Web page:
How will the extreme heat impact Europe and the U.S. over the long term?
In Europe, the heat wave has renewed calls for determined action on climate mitigation measures. But in the U.S., the political leadership, especially in Republican states — many of which, like Texas, also happen to be extreme weather ‘hot spots’ — are still reluctant to recognise climate change as the cause of the problem, with local politicians asking people to pray rather than acknowledge the role of a fossil-fuels in triggering extreme weather. In terms of adapting to the ongoing heat wave, the U.S. is marginally better placed, with a majority of the households fitted with air-conditioners. But only a tiny minority have ACs fitted in their homes in the U.K. and western Europe. With the frequency and duration of heat waves rising this summer, Europe’s energy requirements have shot up at just the wrong time — in the midst of rising fuel costs caused by a ban on Russian gas that European politicians imposed in response to the Ukraine invasion. In Germany, despite widespread acknowledgement of the urgent need to curb carbon emissions, even Green Party politicians are speaking of replacing Russian gas with domestic coal.
The greater frequency, intensity and duration of the heat waves have also been linked to the growing incidence of drought in different parts of Europe. With the winters ending sooner, vegetation starts to grow sooner — before the snows of winter have replenished the water tables and the rivers. This has led to progressive depletion of water tables and increasingly drier soil and shallower rivers. While the reduction in soil moisture has made forest fires more probable, drying rivers — critical for both agriculture and hydro power — have affected harvests and energy security.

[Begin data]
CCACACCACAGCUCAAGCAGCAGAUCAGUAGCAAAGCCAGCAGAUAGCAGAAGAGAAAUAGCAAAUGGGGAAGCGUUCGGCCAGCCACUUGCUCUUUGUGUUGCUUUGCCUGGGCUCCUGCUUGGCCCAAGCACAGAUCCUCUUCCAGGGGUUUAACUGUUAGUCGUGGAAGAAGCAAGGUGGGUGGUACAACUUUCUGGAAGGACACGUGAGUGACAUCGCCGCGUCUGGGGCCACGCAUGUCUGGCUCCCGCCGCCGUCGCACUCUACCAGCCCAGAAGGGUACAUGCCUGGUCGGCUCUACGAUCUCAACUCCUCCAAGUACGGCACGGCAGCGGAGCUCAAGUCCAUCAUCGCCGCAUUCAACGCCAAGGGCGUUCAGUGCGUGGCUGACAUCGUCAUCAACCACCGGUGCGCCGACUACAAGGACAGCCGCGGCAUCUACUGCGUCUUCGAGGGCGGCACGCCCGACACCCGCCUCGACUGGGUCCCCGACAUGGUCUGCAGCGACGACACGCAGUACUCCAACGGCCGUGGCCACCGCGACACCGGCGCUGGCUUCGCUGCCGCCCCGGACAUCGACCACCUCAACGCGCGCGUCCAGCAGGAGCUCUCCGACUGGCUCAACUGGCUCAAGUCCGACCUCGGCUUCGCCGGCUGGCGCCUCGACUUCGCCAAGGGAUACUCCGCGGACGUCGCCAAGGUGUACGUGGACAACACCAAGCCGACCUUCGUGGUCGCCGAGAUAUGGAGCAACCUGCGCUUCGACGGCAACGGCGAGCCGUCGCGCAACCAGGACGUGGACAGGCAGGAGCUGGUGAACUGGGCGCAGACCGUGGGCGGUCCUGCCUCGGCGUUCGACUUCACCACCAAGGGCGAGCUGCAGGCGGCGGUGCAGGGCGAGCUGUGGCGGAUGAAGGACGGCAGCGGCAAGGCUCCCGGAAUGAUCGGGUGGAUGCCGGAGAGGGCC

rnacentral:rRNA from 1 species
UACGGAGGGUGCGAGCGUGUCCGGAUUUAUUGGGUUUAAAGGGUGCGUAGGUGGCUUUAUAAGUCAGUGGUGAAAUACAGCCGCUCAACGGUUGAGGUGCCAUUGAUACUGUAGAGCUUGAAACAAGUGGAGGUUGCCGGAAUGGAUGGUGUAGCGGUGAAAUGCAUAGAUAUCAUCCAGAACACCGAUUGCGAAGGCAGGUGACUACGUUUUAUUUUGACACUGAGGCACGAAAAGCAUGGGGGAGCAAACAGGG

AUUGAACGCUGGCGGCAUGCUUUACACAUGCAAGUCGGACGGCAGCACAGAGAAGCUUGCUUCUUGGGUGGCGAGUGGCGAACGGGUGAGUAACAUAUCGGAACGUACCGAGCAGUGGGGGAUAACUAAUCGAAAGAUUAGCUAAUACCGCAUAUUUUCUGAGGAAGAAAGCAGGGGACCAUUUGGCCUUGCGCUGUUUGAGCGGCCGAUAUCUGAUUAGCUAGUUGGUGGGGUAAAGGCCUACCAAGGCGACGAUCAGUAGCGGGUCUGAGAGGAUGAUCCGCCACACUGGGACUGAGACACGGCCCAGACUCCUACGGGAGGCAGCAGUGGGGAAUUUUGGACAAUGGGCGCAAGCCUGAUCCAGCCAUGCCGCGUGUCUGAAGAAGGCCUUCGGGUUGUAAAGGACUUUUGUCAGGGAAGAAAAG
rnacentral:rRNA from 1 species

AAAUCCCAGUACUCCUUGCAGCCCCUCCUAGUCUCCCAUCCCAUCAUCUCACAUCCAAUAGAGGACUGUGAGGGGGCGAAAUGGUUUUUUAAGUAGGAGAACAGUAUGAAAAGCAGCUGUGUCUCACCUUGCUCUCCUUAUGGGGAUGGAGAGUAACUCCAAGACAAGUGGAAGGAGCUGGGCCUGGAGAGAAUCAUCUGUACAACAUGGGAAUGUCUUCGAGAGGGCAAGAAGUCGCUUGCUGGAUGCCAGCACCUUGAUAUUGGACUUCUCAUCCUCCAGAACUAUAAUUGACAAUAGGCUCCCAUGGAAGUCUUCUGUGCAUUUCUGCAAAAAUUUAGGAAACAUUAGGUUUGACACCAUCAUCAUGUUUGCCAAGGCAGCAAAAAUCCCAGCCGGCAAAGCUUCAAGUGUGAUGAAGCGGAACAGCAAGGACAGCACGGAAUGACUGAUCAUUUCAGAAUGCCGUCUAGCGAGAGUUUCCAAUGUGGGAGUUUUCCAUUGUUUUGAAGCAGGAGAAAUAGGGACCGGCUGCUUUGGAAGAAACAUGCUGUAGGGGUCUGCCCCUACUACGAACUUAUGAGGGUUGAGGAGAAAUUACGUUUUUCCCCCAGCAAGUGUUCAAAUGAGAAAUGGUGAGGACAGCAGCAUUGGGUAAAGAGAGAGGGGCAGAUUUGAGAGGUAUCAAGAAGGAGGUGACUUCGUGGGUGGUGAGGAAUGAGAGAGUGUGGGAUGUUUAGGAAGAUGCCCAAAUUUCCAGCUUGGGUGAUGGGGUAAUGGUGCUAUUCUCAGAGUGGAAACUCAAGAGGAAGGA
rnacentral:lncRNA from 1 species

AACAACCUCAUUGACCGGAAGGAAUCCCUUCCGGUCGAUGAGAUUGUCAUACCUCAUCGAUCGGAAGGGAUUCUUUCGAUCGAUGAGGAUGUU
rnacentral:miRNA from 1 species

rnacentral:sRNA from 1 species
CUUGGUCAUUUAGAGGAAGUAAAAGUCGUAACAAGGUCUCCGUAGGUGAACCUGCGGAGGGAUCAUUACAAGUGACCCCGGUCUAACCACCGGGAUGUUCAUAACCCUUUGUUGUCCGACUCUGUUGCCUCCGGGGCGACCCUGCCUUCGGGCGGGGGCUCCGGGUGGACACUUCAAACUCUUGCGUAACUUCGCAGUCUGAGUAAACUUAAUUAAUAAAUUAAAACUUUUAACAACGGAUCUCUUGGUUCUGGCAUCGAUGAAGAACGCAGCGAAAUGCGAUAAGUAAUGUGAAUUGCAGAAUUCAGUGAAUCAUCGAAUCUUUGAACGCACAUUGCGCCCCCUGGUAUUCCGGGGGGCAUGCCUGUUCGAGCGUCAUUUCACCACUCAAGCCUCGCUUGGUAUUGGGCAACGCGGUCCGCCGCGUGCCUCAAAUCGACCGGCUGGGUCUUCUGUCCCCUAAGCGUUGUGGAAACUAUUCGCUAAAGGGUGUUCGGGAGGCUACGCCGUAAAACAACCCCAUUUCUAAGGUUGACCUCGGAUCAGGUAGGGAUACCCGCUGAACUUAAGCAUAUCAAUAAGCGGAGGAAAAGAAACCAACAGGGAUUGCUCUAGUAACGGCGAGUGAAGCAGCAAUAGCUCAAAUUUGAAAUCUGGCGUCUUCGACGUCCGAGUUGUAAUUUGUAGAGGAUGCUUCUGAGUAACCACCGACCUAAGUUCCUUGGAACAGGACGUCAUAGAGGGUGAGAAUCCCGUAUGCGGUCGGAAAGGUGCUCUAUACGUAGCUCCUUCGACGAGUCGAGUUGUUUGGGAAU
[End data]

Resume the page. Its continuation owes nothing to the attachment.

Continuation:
Europe is facing a torrid summer, with heat wave conditions expected to continue into August. While all the affected nations have issued heat alerts and health advisories to its citizens, who are not used to such temperatures, the economies of both Europe and the U.S. remain firmly bonded to fossil-fuel consumption. While Europe has been more vocal about cutting down emissions and has sought to invest heavily in renewables, this shift has been disrupted by the Ukraine war and an impending energy crisis sparked by the self-imposed withdrawal from cheap Russian gas. The United Nations Secretary General Antonio Guterres issued a grim warning on July 18, pointing out that world leaders faced a clear choice — it is either “collective action or collective suicide”.